Delight as music gigs and rehearsals begin once again in Wigan

The music industry is slowly getting going once more after a year in which it has been shut down due to Covid-19.

Friday, 9th July 2021, 3:09 pm
Updated Friday, 9th July 2021, 3:13 pm
The recent outdoor jazz gig at Haigh Woodland Park

Well-known promoter Ian Darrington MBE, who has spent decades supporting jazz in Wigan, said The Music Continuum was delighted to unveil its autumn programme.

The return of gigging in the borough started last weekend when a band led by saxophonist Mike Smith performed outdoors at Haigh Hall as part of the Picnic Brass series.

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In addition to professional musicians getting back on the stage The Music Continuum’s group for people looking to rekindle long-stilled musical talents, The Really Awful Orchestra, is about to begin rehearsals for the first time in more than a year.

Ian said there is a palpable excitement in the music scene after a complete shutdown of the sector because of the Covid-19 pandemic left performers and enthusiasts alike feeling blue.

He said: “It’s very exciting, everybody is expressing excitement about the return. Obviously everybody is going to have to be cautious but they want to get back to playing.

“It’s very evident what role music plays in everybody’s lives, either as a listener or a performer.

“During lockdown we have realised music has ben one of those things missing from our lives.

“It’s invaluable and it’s great to be organising gigs again.

“The Haigh Hall gig gave us an opportunity to reengage with people and maybe even attract some new fans.

“We’ve also renamed and rebranded Wigan Jazz Club as Sunday Jazz in Wigan. We don’t want people to feel it’s exclusive and something you can only go to if you’re a club member. This is open to everybody and hopefully the rebrand will give it that new identity for people.”

The autumn programme features the Al Wood Quartet in August, the SK2 Jazz Orchestra in September, the Nicola Farnon Trio in October and the Frank Griffith Quintet in November.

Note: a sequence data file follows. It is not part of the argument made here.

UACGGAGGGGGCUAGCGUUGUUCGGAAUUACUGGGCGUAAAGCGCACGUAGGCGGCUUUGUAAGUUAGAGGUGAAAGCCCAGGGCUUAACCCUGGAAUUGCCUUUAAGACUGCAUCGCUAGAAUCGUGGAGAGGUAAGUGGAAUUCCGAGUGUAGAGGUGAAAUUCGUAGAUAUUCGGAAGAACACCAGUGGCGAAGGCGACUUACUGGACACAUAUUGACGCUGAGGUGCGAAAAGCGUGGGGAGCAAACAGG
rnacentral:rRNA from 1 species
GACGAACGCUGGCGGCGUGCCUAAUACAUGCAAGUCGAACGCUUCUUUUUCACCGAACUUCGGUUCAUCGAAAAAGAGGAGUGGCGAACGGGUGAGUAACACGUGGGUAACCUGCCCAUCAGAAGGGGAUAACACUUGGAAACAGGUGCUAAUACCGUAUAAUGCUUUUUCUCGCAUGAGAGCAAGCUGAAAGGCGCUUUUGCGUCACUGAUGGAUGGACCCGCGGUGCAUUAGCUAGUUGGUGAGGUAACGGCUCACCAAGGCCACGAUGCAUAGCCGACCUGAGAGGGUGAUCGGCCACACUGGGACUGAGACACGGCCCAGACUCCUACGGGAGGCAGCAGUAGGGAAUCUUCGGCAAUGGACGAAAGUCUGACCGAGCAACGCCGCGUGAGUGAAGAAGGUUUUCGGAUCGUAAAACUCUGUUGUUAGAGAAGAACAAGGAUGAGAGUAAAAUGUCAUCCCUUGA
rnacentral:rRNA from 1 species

Ian says the enforced absence from the stage due to the pandemic could have a major impact as performers think about returning and notes there is still a degree of caution around the music scene after previous dates for opening up and relaxing restrictions came and went.

More positively, Ian hopes that lockdown could have given musicians space and time to innovate and come up with new ideas and that a new generation of younger musicians will emerge to ensure jazz has a bright future.

As well as putting on professional gigs The Music Continum is bringing back the Really Awful Orchestra, which is for instrumental players of all levels of ability and enthusiasm.

Ian says bringing back grassroots, community music-making after the pandemic is every bit as important as putting on high-profile concerts featuring big names again.

He said: “A group like the Really Awful Orchestra is absolutely crucial. Whatever profession you are in there are stresses and the opportunity to go and lose yourself in music is an amazing thing.

“The orchestra has served an incredible purpose for a wide variety of people from all kinds of backgrounds. Whatever job people have been in they have experienced stresses during the pandemic.

“Music is going to play a vital role in getting people back to full health.”

The orchestra is for adults who used to play but no longer do and want to enjoy playing in a large ensemble again.

There will be social distancing and other restrictions in place but rehearsals will be starting up again.

Anyone interested in joining the Really Awful Orchestra should email Peter Fletcher at [email protected]

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